The financial risks Patricof and his colleagues) took to make this film happen were remarkable (it was just finished four days before the LAFF premiere, and is just starting to look for a buyer). Most importantly, Heizer had the legal right to kill the film up until the last minute if he didn’t like what Pray created.
When Pray shipped a “final” version to Heizer’s remote Nevada home three weeks ago, he could only hold his breath for days waiting for a response. Eventually, word came back from Heizer’s wife that the film was good, but Heizer wanted to substitute a batch of his own archival material for that used in the film. Pray spent much of the past couple of weeks working that material in, and agreed that it was a substantial improvement.
Don’t know if this movie will get a pickup from a U.S. distributor, but it should. It’s surprisingly absorbing, talking not only about a distinctive artist and a formidable engineering and political job (getting approvals from all those governmental entities is daunting to think about) but also about the fundamental nature of art and sculpture and how we relate to it, or don’t, when it involves a really, really big rock.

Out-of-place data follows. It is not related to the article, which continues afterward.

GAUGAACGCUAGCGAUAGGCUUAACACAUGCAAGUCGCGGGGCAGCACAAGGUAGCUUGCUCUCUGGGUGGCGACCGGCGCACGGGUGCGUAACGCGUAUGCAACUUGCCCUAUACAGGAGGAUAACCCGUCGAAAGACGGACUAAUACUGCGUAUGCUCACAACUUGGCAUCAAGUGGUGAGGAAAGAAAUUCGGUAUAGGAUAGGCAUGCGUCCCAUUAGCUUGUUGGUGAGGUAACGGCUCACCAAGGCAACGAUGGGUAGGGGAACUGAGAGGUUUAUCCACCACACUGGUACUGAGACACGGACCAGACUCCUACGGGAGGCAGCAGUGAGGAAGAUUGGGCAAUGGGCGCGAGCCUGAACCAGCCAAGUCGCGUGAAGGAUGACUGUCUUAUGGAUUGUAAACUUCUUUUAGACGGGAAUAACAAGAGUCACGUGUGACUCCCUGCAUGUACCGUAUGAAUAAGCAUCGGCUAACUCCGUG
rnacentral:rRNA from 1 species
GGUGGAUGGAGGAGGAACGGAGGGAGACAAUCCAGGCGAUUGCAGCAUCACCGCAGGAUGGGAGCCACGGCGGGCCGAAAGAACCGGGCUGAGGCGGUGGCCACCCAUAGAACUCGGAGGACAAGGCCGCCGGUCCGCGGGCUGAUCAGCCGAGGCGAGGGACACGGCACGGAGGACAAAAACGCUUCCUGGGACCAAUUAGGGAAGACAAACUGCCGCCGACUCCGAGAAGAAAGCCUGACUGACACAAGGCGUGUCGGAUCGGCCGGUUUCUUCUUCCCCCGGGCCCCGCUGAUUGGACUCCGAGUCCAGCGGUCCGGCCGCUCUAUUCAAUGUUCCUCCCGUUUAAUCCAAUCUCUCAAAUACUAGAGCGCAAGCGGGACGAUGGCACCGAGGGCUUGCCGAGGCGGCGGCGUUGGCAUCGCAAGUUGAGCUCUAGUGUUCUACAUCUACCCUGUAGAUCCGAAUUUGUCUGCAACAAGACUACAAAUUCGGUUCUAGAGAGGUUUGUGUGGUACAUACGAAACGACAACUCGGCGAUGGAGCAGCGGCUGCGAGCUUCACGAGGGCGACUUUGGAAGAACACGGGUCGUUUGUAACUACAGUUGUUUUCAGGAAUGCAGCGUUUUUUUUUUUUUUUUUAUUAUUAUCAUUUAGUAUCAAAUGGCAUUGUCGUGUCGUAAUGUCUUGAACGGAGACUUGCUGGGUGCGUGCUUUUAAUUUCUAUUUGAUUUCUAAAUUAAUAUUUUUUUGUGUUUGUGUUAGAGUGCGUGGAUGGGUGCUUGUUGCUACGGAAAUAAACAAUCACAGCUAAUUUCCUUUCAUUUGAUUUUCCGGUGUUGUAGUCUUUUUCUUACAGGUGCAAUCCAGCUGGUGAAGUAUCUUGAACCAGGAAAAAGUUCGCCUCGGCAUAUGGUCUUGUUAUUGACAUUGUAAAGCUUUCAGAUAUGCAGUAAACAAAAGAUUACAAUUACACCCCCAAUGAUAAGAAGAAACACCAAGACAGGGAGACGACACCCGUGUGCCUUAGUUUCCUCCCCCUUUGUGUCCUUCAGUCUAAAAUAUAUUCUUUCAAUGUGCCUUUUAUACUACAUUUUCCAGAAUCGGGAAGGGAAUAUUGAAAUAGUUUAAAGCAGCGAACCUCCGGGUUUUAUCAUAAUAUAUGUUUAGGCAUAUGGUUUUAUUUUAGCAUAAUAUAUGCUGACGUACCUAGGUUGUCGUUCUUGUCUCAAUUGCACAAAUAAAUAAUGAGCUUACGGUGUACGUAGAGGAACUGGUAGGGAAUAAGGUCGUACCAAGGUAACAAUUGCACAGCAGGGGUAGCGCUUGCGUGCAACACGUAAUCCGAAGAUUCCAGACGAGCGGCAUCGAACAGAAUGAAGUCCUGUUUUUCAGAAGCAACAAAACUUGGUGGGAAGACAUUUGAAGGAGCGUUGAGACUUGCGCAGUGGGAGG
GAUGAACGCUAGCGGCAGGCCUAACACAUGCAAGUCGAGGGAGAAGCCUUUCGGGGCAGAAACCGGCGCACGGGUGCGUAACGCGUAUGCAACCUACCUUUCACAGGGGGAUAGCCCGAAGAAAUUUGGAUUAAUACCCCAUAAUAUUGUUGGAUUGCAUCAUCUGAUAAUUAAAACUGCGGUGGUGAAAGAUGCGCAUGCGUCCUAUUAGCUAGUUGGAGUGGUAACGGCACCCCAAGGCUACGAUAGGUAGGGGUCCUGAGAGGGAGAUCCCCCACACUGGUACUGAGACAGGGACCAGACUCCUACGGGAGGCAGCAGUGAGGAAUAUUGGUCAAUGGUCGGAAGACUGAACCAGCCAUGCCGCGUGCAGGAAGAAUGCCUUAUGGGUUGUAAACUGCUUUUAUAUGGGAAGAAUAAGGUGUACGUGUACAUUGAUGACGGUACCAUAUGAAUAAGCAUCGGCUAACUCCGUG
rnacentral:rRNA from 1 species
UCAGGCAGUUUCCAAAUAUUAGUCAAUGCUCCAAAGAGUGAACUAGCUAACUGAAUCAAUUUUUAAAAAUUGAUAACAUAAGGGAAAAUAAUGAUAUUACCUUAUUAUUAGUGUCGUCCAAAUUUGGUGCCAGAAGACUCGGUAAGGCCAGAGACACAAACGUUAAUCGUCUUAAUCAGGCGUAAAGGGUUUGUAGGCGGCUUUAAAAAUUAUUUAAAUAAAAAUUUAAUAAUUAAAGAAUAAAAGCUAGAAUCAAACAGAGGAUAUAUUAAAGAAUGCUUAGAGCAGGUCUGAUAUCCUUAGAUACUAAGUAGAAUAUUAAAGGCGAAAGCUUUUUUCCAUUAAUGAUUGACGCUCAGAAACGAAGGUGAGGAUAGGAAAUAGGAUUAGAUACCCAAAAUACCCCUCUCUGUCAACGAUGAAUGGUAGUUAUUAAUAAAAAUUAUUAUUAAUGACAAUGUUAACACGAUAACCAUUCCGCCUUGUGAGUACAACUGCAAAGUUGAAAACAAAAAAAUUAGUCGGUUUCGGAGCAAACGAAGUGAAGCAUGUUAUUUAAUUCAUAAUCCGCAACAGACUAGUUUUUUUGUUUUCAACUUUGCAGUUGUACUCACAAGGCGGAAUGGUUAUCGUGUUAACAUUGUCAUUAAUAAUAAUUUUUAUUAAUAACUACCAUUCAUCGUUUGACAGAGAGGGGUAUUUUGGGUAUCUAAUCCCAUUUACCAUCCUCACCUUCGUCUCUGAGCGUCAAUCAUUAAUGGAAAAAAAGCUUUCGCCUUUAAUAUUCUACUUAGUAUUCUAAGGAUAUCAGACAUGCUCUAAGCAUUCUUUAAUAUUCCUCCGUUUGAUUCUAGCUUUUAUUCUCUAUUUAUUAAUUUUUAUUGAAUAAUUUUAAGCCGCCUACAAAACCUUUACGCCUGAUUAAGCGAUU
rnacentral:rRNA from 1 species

There are countless movies about dysfunctional families and the shenanigans that get into, and there are countless indie movies about dysfunctional families and quirky shenanigans that they get into, so putting those two together would sound like quirk overload. Luckily enough, Captain Fantastic doesn’t fall into either category—at least not enough to undermine the film as a whole. It still has its issues, namely the direction that’s so sympathetic at times that it becomes unclear or confusion in its intentions and it’s a too long, but that doesn’t stop it from being interesting, and Virgo Mortensen is great.